One of the most common complaints from employees is that they can’t keep up with the vast amounts of information available to them. Many of you have heard me talk about the issue not being email overload, nor even information overload, but rather input overload. We have too many places to look for, or respond to people, content and conversations.
But what if computers could do that for you? What if they could eliminate having to know where content was, which was the most relevant, what needs your attention now or what you can avoid working on? Even better, what if computers could go beyond helping you prioritize and filter, and start to actually take actions on your behalf?
With ideas like these in mind, IBM has just announced their new strategic initiative, Cognitive Business.
You may have heard of IBM Watson, the computer that beat two Jeopardy grand champions. Well, that system was designed to do a lot more than just play trivia games! Watson does not just know what it’s programmed to know, it learns and adapts, similar to the way humans do. This is called cognitive computing.
While IBM's marketing is currently focused on large industry initiates like healthcare and finance, cognitive computing could also one day help individuals and teams collaborate more effectively. IBM’s collaboration platform, IBM Connections and their new email client, IBM Verse could one day leverage the cognitive capabilities of IBM Watson to help people make sense of the vast amounts of information they are currently flooded with. In addition to helping people filter and prioritize information, one day the tools could recommend actions and even proactively respond.
Let’s call this next generation of personal productivity and teamwork, Cognitive Collaboration.
What Customers Should Consider
IBM is not the only company applying artificial intelligence to teamwork. While IBM will argue they are the only company with true "cognitive computing" (Watson), to the average person the technology behind the scenes does not matter as much as the end result. Other vendors are also adding digital assistant capabilities of their tools, such as Microsoft with Cortana and Google with Google Now. Salesforce also recently released Salesforce IQ which proactively helps sales professions organize their pipelines. Customers should speak with these vendors to get a list of current capabilities as well as future roadmaps in how their platforms will help employees get work done. It's important to note, most of these cognitive capabilities only work in cloud based deployments, as the computing power for these systems is not offered on-premises.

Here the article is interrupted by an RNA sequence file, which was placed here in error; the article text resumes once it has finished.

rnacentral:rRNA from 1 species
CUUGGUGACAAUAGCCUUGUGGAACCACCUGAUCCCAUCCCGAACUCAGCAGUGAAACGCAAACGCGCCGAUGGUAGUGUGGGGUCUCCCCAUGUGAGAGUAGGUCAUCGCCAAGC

What Partners Should Consider
The success of any platform is determined by the strength of its ecosystem. For collaboration software, it's critical that tools integrate with other enterprise applications and expose their features so that 3rd party developers can create add-ons and additional features. IBM Watson has a very strong focus on developers, and has been rapidly expanding the set of cognitive capabilities that are available for use in other applications. I look forward to seeing if the IBM partner ecosystem comes up with interesting ways to use Watson to help people collaborate.
Moving in the Right Direction
I really like the new “Outthink” messaging. It bridges IBM’s long standing message of “Think", with this new cognitive era. I've not been a fan of the previous company wide mantra "Be Essential", but I think trying to get every employee to rally around cognitive computing is a good move. I look forward to seeing how IBM ties together their collaboration tools and the Watson platform.